From a run timing standpoint, it is likely that there should be sockeye already in the river when it opens. Arrival time varies year-to-year, but the best two weeks of fishing should be last week of June and first week of July when a lot of fish are passing through, which is based on a normal run curve. The peak of the sockeye run usually occurs around July 15.

The key to tracking when the best fishing occurs in the lake is to follow the fish trucking on WDFW website at

Baker sockeye were first introduced from an artificial enhancement that started in 1896 when the state built a hatchery on Baker Lake. The natural run at that time was estimated to be approximately 20,000 fish, which was way before the dams were built.

Success of sockeye returns is based on improved juvenile fish production. Puget Sound Energy work crews have a huge fish barge collector anchored above Lower Baker Dam on Lake Shannon. The collector draws migrating juvenile salmon unto a funnel where they’re held until being transferred below the two dams and released to begin their outmigration.

Since the 1920s, annual adult sockeye returns averaged 3,500, and then by the early 1980s it dropped off the charts and hit an all-time low of 99 fish in 1985.

Other early-season salmon opportunities

The Tulalip terminal Bubble Fishery is also open through Sept. 2 with fishing allowed each week from 12:01 a.m. Friday through 11:59 p.m. Monday (closed June 15). This fishery also started off well during the early part of last year and is likely the result of an earlier timed return of kings to the area and will be something to keep an eye on right from the get-go.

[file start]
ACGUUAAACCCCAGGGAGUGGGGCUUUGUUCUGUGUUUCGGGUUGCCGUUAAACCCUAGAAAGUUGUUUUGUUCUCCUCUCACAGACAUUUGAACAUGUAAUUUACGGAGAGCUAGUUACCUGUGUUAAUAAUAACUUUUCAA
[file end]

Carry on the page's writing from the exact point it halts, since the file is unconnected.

Another location in the marine area that often gets off to a decent early start is the Edmonds Pier where anglers tossing a variety of jigs or a Styrofoam float with a herring drifting underneath often get the fish to bite.

Last year’s early chinook fishery on the Skykomish River from the mouth to the Wallace River produced some fair to good action last year also due in part to an early-timed production at the Wallace Hatchery and this fishery opened this past Saturday (May 25) through July 31. In the past the best time occurred in July but has now switched and the first couple of weeks it is open are best.

The Reiter Ponds area of the Skykomish River also opened Saturday (May 25) for hatchery steelhead fishing and should be a good bet in the weeks to come.

Central Puget Sound (Marine Catch Area 10) opens June 1 through July 24 for a fishery directed at resident coho averaging 2 to 5 pounds. Look for hungry coho in the shipping lanes off Jefferson Head up to Kingston.

In past years south-central Puget Sound (Area 11) would open on June 1 but this year it’s closed between June 1-30. Typically, the first couple of weeks in June is pretty solid for a mix of immature feeder chinook, and mature spring and summer kings. Some Point Defiance Park Boathouse anglers have been quietly turning the corner around the Clay Banks and heading few miles into southern Puget Sound (Area 13) and finding some decent early action on chinook since it is open year-round. Look for decent action off Point Fosdick and off Fox Island’s east side at Gibson Point, Toy Point and Fox Point.

The halibut fishery has been going strong off the coast when anglers manage to get out.

“We’ve seen in sampling at Westport a lot of halibut limits on charter and private boats that are all doing pretty darn good,” said Wendy Beeghley, a WDFW coastal fish manager. “At La Push it has been pretty much limits, but Neah Bay has been slower. The dressed head off average weight is 16 pounds at Westport so that means they’re probably 20 to 22 pounds. They’re also a tiny bit bigger up north but not by much.”

Fishing is open for halibut in Areas 1, 3 and 4 and 5 to 10 on May 26. In addition to those dates, sport halibut fishing will be open Thursday, June 6 in Marine Area 2. Additional fishing days in Marine Areas 5 through 10 are Thursday, May 30; Saturday, June 1; Thursday, June 13; Saturday, June 15; Thursday, June 27; and, Saturday, June 29.